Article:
Fast and accurate e-tickets have become a new, go-to method for police officers throughout the county.
The Orange County Register recently followed La Habra police officer Jason Coleman who issued a speeding ticket to a driver using “a small, black machine that looks like an elongated BlackBerry.”
Police told the Register that the new e-ticket process “reduces costs, saves time and boosts efficiency.”
The process isn’t different; the driver can still object to an e-ticket, and a court might still rule in the driver’s favor.
But the information an e-ticket records is kept instantaneously and is almost certainly accurate – two things that cannot always be said about hand-written traffic tickets.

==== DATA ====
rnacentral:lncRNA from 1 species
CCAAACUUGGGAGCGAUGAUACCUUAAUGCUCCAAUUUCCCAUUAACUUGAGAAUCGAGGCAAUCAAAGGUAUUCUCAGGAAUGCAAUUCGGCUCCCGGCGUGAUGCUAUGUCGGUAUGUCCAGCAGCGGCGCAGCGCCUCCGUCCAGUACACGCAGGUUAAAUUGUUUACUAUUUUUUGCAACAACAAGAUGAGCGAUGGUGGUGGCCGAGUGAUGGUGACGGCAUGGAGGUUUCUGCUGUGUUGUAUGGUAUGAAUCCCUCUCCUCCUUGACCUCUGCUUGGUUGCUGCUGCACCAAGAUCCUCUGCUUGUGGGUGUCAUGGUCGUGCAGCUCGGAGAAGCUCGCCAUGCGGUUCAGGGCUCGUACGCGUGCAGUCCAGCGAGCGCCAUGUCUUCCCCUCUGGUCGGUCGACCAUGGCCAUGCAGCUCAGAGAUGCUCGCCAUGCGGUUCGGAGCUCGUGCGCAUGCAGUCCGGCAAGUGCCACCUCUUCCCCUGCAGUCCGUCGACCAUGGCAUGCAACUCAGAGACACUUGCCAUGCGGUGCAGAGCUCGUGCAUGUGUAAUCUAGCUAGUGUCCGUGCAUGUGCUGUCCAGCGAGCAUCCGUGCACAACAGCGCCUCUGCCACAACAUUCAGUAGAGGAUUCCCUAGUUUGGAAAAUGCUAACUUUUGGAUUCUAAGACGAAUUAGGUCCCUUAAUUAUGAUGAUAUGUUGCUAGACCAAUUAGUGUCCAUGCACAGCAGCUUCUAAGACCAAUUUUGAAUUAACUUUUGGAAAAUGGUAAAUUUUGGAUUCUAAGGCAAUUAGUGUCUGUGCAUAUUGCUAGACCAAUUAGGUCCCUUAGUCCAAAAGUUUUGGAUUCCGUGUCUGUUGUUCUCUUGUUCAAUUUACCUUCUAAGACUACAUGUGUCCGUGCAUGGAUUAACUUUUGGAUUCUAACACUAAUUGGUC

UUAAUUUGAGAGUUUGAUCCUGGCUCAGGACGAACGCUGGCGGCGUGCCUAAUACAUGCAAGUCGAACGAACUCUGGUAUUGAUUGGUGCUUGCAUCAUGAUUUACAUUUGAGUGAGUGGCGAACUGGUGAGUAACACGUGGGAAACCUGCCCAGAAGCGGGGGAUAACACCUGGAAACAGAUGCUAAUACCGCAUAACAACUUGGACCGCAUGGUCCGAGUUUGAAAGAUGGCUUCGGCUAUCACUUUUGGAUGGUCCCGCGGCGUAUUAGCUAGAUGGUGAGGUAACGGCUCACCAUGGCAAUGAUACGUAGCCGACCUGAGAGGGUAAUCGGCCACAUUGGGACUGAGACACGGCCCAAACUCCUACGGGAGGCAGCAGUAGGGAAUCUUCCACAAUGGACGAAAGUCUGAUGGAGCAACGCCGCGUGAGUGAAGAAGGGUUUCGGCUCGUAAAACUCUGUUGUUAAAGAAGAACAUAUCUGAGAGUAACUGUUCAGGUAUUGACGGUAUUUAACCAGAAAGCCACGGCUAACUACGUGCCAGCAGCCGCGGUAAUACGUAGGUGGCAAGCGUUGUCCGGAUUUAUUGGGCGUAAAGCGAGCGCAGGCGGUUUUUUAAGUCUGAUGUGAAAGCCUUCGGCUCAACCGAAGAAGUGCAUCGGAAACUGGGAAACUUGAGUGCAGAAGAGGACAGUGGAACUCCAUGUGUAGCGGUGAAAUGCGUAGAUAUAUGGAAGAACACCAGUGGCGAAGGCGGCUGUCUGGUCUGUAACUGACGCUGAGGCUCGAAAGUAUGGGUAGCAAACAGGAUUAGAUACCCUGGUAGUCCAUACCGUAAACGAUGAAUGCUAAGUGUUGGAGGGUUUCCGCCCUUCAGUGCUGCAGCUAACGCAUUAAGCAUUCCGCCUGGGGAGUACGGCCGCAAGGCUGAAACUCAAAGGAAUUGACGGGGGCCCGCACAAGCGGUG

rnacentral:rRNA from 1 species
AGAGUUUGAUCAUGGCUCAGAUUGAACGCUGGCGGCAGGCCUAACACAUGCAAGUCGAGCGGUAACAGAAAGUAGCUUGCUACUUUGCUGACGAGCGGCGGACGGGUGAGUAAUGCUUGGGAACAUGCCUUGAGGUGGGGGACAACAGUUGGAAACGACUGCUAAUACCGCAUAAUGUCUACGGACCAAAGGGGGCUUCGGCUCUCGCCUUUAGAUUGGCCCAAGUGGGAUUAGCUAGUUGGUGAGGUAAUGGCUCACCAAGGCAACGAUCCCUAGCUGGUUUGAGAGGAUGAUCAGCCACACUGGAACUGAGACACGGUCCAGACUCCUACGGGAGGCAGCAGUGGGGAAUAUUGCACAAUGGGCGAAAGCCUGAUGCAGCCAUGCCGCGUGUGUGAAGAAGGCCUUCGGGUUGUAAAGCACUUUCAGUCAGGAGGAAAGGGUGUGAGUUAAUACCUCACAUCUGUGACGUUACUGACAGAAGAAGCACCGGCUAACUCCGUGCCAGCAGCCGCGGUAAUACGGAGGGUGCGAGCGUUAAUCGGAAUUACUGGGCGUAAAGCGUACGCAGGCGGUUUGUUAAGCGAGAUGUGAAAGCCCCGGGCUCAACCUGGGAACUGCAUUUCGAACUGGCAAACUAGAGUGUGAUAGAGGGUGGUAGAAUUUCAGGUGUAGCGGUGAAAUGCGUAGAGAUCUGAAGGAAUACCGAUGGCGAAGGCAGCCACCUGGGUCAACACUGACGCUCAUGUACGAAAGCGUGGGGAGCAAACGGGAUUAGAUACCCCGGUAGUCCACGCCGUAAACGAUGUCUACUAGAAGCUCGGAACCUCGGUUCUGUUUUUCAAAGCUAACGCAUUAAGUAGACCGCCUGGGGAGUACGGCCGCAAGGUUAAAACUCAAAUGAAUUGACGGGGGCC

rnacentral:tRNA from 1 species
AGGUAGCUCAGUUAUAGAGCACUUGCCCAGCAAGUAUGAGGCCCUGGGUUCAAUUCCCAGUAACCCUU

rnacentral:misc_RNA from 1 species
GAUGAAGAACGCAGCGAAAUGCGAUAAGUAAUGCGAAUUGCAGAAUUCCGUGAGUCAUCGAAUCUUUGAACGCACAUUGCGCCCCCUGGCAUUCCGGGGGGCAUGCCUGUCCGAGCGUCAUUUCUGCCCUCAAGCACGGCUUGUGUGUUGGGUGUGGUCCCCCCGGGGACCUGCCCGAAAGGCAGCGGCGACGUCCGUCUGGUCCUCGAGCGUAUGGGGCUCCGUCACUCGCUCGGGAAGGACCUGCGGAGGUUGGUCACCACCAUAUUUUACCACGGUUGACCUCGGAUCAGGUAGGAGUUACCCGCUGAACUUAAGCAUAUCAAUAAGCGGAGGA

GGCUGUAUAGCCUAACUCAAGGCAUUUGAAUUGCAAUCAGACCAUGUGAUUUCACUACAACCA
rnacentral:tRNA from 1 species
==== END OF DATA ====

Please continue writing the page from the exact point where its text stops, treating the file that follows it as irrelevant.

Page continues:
Back at the La Habra station, Coleman settled the ticketing device into a docking station. Information about the two tickets he wrote that afternoon then downloaded into an online system monitored by a private company, which checked the tickets before sending the information on to computer databases kept by courts and police
“The change is forced, but good,” Westminster Police Sgt. Cameron Knauerhaze told the Orange County Register. “It will cause all O.C. agencies to be more efficient in the writing and processing of tickets.”